HistoryGeek2019 wrote:The USA alone had three times the GDP of Germany at the peak of Germany's economy in 1944. See the below chart from "The Economics of World War II", edited by Mark Harrison:
True re 1944 but you're looking at a peak USA versus a devastated Germany and occupied Europe.
's chart based on 1938 GDP of territories under Axis/Allied control in 1942:
I'll concede that using 1938 figures under-represents the USA, as it slipped back into depression that year.
Nonetheless, if we move ~$200bil of the USSR's GDP from Allied to Axis due to Soviet defeat, the 1938 score tips even in further in Axis favor: ~$1,750bil Axis to ~1,250bil Allied.
EDIT: I highlighted the wrong figure for the Allies - I should have highlighted the 1,748 instead of 1,443. Nonetheless, transferring USSR GDP to Axis would still put Axis 1942 territorial GDP (1938 figures) ahead of Allies, just to a lesser extent (1,750 to ~1,550).
The true economic picture would fall somewhere between 1938 territorial apportionment and 1944 OTL GDP figures.
A Germany with no serious continental enemies can build enough fighters to blunt or even stop the Allied bombing offensive, meaning 1944 production ~25% higher. That applies to the bombing of Baku as well as of industry.
With secure food and oil supplies, the fuel- and fertilizer-starved economies of occupied Europe can regenerate their production.
HistoryGeek2019 wrote:The USA's labor force was almost 20 million higher than Germany.
Not once Germany has 400 million people under its sway.
HistoryGeek2019 wrote:Germany would have to rely on slave labor and plundering its neighbors, which can only last so long.
I don't see any intrinsic limit to Germany's ability to use foreign labor. Do you? There was never any serious challenge to German rule in occupied countries from partisans alone. The USSR kept its boot on the neck of Eastern Europe for decades; I don't think Hitler would have been squeamish about compelling acquiescence.
HistoryGeek2019 wrote: It's 180 kilometers from Baku to the Persian border. From Ploesti to the closest spot in Italy is 900 kilometers. Baku would have been one giant crater.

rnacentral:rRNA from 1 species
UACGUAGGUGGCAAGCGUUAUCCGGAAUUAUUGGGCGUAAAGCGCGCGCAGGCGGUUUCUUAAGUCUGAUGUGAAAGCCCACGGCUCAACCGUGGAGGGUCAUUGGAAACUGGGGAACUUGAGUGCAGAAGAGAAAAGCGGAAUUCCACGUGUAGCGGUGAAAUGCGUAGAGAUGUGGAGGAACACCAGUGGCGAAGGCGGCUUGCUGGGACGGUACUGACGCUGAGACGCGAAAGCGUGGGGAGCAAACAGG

Who says Germany stops at the Persian border? Churchill certainly didn't think he would. With the USSR defeated or in collapse, Hitler can make the Caspian Sea an Axis lake, protecting Baku.
It's also extremely difficult to bomb oil production - the Allies always bombed refineries instead. There's literally thousands of individual wells that need something like a direct hit to be permanently out of production. There's insufficient built up area around wells to create a firestorm with area bombing.
HistoryGeek2019 wrote:It had to rely on slaves and coercion of conquered peoples to harvest these resources, and that is an inherently unproductive, weak economic system.
Per Tooze, foreign labor was ~70% as productive as German. So yeah, maybe inefficient but Europe's 400+ million could potentially produce more at 70% efficiency than the U.S.'s 130 million or the Anglosphere's ~200mil.
HistoryGeek2019 wrote:And Germany lacked the labor force and infrastructure to exploit the raw materials they conquered.
Re infrastructure I estimated in another post that it would cost <2% of Germany's OTL steel budget to build a brand-new double-track railway from Poland to Baku:
Whether the Anglosphere alone would have maintained a real GDP advantage over a Nazi Grossraum stretching from Lisbon to Yekaterinburg is debatable, depending on your assumptions about bombing and occupied collaboration.
If we look at the history of modern warfare, however, a block needs overwhelming superiority to conquer an opposing block. WW1 involved a similar mismatch of economies but was a darn-close call. IMO if Greater Germany and/or the European Axis can maintain even a 2:1 disadvantage against the Anglosphere, the good guys probably don't march into Berlin. There's just too many advantages for the defenders, including asymmetric strategic needs such as a massive shipbuilding industry that Festung Europa needn't worry about. And there's the fact that German soldiers were better, man for man and weapon for weapon, than their contemporaries.
And critically, as Annatar points out, the good guys need to build an army multiple times stronger than OTL and shed blood on a different order of magnitude to reach Berlin. It's at least not obvious to me that the Anglosphere would have been willing to do that.